November 7, 2012
Many are happy to see the political ads end now that Election Day has passed. But with $6 billion spent on the ads and little political shift in Washington, was the money worth it?
"It was a little like trench warfare with a lot of money spent, lots of ads run, not a ton of movement, but the movement was positive for the Democrats," said Kyle Kondik, communications director for the University of Virginia's Center for Politics. "I think there are a lot of Republicans probably scratching their head."
Kondik says Republicans could be wondering why the money they spent on advertising kept Barack Obama in the White House and Democrats in charge of the U.S. Senate.
"It sort of feels like it was the status quo election," he said.
With few political shifts, many analysts say Republicans need to consider a new game plan.
"This election was a blow to them because I think they expected to beat the president and they didn't," Kondik said. "I think they expected to pick up seats in the Senate and they didn't."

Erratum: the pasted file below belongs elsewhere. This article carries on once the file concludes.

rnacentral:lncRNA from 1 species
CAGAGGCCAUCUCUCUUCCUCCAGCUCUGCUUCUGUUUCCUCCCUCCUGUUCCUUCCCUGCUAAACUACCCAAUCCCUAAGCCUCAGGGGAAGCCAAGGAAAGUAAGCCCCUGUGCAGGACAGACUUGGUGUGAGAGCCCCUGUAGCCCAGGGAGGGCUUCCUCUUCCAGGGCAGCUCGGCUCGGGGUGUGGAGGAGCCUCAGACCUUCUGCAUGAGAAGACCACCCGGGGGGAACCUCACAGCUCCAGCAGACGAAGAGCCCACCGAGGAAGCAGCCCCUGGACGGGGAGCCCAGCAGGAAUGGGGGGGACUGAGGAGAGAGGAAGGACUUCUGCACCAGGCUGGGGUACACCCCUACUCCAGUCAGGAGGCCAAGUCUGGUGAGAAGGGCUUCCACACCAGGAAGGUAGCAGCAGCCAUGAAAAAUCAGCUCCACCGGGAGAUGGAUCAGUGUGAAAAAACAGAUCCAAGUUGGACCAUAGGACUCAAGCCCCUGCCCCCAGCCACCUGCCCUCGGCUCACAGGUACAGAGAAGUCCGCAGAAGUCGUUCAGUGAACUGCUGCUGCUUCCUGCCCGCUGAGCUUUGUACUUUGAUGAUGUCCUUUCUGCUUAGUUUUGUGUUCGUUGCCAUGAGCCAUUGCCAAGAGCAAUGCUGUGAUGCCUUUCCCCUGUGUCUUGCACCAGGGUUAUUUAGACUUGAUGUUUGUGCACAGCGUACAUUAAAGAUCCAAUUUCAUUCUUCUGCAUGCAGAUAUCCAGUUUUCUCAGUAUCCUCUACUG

One of those seats was the one of retiring Sen. Jim Webb. Democrat Tim Kaine defeated Republican George Allen for that seat in a close race.
The presidential race in Virginia was also close, but Obama still had a comfortable lead over challenger Mitt Romney.
"I think Virginia's final result is going to mirror the country's, pretty much like it did in 2008," Kondik said, adding that Virginia is becoming more urban, diverse and educated. "That's reflective of the country as a whole, and if Republicans can't carry Virginia, I don't know how they're going to be winning national elections."
Democrats' money has paid off and is now turning into momentum. Republicans, though, still control the U.S. House.
"I think the Republicans have a durable majority in the House that should hold up at least for another cycle," Kondik said.
The election has kept a divided Congress, meaning compromise will be necessary for any change to take place.
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